There is an old joke: “How many psychologists does it take to change a light bulb?”
Answer: “Only one. But the light bulb has to want to change.”
This is the standard safety net for the therapeutic community. “My tools work, so it has to be your fault when they don’t work.”
In that light, I was discussing a “Sally” today with someone who is trying to help her. Sally has been stuck for years over a push/pull regarding enabling. There is a person she enables regularly. She knows she does it. She knows there are alternatives. She has had sundry people who have exhorted her, scolded her or even been angry at her.
Sally does not defend her enabling at all. It is just that when push comes to shove, she is not able to make the decision to allow the reproofs of life to be visited on the other person.
My suggestion to Sally’s coach was that this might be the result of an AHS in Sally.
My logic was this. Most soul issues are malleable. AHS generally are quite resistant to any sort of counseling. So the mere fact that Sally did not like what she did (clearly not in denial here) but kept on doing it anyway, relentlessly, suggested that it might be an AHS controlling the decision making process.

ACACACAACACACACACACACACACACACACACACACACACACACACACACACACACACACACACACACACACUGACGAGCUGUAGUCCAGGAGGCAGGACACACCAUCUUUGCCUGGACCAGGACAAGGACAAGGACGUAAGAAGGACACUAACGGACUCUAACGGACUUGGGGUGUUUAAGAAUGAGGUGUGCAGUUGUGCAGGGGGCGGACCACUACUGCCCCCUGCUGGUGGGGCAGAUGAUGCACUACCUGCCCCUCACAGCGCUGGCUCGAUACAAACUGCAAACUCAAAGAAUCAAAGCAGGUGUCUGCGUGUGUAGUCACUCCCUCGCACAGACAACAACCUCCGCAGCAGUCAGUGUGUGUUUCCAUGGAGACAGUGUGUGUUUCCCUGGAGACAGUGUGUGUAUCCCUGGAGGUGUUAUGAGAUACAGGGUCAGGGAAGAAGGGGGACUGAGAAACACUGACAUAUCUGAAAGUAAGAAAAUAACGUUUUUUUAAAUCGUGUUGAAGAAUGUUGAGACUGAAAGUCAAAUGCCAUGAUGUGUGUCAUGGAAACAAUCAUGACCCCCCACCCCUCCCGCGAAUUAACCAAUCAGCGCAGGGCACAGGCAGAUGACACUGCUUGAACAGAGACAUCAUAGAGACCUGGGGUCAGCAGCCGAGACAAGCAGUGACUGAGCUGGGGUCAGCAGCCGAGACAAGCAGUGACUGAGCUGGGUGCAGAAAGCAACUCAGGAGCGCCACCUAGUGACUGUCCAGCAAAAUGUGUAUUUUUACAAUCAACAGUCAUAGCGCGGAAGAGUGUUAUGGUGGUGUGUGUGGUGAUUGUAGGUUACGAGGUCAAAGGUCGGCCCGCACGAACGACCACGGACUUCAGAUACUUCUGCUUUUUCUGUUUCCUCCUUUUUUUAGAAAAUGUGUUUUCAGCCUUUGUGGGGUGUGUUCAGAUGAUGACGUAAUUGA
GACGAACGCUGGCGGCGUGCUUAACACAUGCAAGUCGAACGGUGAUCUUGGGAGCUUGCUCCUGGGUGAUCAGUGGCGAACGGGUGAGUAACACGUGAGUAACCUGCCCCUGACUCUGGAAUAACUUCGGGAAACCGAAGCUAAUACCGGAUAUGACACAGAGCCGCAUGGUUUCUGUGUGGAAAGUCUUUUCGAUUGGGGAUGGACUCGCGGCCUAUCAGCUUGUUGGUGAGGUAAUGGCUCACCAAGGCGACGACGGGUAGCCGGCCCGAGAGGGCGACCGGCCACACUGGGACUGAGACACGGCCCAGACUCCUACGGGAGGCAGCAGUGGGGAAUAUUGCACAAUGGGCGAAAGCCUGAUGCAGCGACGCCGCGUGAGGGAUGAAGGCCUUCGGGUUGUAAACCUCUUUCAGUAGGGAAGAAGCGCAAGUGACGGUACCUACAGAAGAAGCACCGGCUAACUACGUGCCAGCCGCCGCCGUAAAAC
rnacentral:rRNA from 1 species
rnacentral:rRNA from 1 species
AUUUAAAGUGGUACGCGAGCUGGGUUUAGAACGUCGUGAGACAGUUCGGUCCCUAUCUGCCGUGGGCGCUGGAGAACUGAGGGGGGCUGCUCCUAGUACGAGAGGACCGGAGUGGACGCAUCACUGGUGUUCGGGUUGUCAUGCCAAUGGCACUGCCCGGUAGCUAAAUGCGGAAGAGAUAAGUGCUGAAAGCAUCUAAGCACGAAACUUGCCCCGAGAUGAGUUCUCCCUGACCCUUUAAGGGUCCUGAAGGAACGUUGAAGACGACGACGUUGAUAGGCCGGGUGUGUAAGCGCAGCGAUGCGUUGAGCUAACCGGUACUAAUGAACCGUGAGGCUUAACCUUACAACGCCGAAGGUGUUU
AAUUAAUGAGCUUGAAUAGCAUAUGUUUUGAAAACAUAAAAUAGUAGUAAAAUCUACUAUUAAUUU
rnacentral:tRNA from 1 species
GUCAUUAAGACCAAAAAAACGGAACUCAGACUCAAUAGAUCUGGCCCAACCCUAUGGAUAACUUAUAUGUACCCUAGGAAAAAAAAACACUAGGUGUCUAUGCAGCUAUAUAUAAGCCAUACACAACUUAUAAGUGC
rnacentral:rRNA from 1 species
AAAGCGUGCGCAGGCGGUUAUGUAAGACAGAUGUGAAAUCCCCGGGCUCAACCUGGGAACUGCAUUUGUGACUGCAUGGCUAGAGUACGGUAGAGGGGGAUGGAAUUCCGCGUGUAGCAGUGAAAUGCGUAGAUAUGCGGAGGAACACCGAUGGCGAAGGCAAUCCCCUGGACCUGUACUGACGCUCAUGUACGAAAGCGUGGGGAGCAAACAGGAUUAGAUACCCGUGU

She will explore that option with Sally.
My main point here is that when something doesn’t work that you think should, don’t default to blaming the person. Sure, there are lots of times when the client doesn’t want to change and going to therapy is just a smoke screen to pretend they are working on the issue. I know that situation DOES exist.
However, when they want to change and don’t, at least check and see if you are dealing with an AHS in the decision making center, not their own soul.
Copyright June 2015 by Arthur Burk
From home, clobbered with jet lag